How CDP saves your bacon

* It's hard to get more granular than continuous backup protection

Continuous data protection is changing the way IT is doing business. In the bad old days when computers had lots of lights, toggle switches (you old guys probably knew them as "sense switches") and whirling tapes all over the place, backups were generally divided into two categories. In most shops, full backups (backup every file in the place) were usually run on weekends because that was the only time when most people weren't using the machines. Incremental backups were run every night during the third shift for the same reason. For incrementals, of course, we were only backing up files when a flag had been flipped to indicate that the file had been changed.

Continuous data protection is changing the way IT is doing business.

In the bad old days when computers had lots of lights, toggle switches (you old guys probably knew them as "sense switches") and whirling tapes all over the place, backups were generally divided into two categories. In most shops, full backups (backup every file in the place) were usually run on weekends because that was the only time when most people weren't using the machines. Incremental backups were run every night during the third shift for the same reason. For incrementals, of course, we were only backing up files when a flag had been flipped to indicate that the file had been changed.

The problem of course - and it's one that continues to this day - is that if a user messed up a file, IT was only able to recover back to the most recent backup. At best, the granularity of recovery meant that you would be rolled back to the previous evening's incremental - not a particularly bad thing if you blew away your work early in the morning, but if your problem occurred toward the end of the day, you might have lost a full day's worth of work.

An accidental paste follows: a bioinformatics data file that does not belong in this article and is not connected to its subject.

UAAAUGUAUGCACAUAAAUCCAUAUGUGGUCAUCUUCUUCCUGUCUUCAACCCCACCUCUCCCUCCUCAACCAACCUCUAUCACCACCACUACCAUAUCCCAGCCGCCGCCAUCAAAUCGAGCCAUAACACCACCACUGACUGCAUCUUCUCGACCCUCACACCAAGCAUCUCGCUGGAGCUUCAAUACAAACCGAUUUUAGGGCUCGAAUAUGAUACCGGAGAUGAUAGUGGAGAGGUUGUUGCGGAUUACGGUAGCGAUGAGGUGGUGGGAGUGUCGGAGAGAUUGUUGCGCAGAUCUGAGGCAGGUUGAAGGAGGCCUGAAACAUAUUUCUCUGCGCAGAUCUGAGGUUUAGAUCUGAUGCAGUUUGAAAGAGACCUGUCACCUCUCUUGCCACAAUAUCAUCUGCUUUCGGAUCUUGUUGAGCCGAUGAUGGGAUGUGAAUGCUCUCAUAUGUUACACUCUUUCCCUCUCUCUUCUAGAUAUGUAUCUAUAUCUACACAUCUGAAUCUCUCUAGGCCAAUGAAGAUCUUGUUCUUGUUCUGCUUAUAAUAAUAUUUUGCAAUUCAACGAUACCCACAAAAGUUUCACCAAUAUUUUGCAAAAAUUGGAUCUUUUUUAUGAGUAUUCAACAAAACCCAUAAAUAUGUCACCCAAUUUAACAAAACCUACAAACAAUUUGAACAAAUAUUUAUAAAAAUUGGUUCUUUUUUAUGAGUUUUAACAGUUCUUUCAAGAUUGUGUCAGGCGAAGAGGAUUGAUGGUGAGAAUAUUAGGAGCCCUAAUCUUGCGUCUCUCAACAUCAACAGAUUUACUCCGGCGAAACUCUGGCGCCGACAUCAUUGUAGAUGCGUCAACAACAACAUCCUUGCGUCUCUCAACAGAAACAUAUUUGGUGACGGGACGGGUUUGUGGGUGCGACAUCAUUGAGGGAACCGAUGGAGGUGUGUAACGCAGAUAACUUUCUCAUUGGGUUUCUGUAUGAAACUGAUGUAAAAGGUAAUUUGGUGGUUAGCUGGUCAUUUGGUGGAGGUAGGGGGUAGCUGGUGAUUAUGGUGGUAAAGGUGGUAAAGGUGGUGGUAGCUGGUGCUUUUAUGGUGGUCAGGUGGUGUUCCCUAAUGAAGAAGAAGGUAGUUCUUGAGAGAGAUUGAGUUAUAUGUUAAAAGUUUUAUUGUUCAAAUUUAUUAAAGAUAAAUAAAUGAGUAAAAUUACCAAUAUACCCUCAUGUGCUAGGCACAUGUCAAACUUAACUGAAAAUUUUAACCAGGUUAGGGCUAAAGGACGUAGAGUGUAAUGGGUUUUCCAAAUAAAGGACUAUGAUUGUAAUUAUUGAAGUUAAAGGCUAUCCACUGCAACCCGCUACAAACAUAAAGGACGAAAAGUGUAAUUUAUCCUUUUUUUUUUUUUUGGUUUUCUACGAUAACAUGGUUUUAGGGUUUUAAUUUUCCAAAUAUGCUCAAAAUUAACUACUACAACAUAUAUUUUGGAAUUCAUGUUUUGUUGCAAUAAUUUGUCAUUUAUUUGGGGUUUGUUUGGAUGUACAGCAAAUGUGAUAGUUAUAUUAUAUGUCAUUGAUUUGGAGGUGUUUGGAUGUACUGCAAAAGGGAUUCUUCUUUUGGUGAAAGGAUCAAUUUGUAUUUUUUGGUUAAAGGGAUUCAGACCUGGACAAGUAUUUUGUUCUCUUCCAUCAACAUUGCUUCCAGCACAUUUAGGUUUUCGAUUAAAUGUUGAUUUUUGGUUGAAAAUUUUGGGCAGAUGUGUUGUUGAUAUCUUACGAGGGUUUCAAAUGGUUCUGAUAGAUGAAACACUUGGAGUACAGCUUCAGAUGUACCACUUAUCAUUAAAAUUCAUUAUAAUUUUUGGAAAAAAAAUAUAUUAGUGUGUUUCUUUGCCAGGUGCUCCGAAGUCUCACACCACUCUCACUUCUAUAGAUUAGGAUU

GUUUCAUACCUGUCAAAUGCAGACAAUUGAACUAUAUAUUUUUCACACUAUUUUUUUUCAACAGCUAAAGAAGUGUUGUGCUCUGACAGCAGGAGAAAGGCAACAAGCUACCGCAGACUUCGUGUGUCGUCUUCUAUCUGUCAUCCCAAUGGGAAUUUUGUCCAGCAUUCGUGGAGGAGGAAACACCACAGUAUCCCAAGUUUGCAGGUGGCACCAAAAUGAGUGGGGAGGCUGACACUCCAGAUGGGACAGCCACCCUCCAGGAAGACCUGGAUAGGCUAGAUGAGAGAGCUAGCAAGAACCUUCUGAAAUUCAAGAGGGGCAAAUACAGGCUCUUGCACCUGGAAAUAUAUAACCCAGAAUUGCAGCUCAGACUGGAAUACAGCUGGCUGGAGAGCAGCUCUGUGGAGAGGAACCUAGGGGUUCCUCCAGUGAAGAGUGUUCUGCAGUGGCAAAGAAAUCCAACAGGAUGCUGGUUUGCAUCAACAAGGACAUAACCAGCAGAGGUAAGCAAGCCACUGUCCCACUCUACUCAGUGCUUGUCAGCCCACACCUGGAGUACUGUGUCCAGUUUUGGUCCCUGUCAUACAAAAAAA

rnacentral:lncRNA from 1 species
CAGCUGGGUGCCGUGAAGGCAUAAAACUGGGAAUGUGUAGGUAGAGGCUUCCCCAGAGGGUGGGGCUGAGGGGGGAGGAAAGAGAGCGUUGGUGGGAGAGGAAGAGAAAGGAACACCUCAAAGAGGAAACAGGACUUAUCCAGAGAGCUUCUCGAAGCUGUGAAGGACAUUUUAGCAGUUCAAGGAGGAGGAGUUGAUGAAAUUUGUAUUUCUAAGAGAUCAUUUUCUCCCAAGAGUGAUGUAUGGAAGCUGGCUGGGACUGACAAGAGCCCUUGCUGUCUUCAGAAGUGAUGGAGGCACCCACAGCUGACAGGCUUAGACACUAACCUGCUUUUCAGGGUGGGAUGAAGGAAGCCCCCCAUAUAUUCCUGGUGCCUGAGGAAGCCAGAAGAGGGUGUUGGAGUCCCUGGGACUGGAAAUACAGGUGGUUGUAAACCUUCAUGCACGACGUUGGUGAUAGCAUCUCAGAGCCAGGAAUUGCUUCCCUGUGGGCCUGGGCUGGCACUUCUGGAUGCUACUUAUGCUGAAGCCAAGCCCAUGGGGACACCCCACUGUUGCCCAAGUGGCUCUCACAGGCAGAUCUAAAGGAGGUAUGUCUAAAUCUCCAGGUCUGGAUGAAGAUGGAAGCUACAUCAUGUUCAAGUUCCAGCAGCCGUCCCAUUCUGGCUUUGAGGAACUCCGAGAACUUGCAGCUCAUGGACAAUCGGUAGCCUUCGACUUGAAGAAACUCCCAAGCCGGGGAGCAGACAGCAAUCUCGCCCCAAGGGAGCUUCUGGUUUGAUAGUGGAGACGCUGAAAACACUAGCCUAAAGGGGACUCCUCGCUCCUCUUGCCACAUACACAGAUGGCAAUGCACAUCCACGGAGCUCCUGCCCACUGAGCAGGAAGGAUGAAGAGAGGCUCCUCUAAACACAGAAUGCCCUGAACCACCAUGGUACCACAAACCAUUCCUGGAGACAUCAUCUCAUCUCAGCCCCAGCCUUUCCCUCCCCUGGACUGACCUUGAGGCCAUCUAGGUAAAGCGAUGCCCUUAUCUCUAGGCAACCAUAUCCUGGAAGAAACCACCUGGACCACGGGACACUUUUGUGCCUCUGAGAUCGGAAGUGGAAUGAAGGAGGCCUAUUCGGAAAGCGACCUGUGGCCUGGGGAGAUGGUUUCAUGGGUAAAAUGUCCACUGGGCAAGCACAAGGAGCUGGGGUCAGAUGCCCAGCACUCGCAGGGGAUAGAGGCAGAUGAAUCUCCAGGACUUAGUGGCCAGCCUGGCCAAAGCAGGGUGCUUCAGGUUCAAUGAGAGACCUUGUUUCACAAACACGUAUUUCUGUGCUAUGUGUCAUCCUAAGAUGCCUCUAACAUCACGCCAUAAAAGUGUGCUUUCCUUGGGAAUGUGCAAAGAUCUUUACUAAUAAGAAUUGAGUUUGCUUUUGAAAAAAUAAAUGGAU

Those of us who worked in development learned to save to new files, and to do so often. If you were working on a FORTRAN compiler, for instance, you saved your work as "FTN001", and then as "FTN002" after adding a few more lines of code; if you blew away the second file, you picked up again by going back to the first file.

Obviously, even with workarounds, the fulls-plus-incrementals approach didn't offer much in the way of aggressive recovery point or recovery time objectives, nor did it contribute much in terms of efficiency. Even today, when snapshot techniques can make things much better by enforcing a much-improved level of granularity on the backups, the time between one snapshot and another is still a window of vulnerability.

Time-based backups - that's what the full/incremental/snapshot technique is - are now giving way to a much better approach. CDP is event-based. This means that every time a "data-changing event" takes place on the disk, the change is captured on the backup medium. It's hard to get more granular than that.

Most CDP backups write to SATA or some other relatively cheap disk device. This is that "second tier" storage - sometime called "nearline" which we hear so much about these days. The significance of writing backups to disk is hard to overestimate: disk-to-disk backups create an enabling environment for disk-to-disk recovery, which can be very fast and which, in several implementations, means end-users can recover data without involvement of the help desk. You can still run a weekly full backup to tape so you don't run out of disk space.

Next time we'll look at a CDP product that possesses the twin virtues of being both easy to use and cheap.

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Copyright © 2006 IDG Communications, Inc.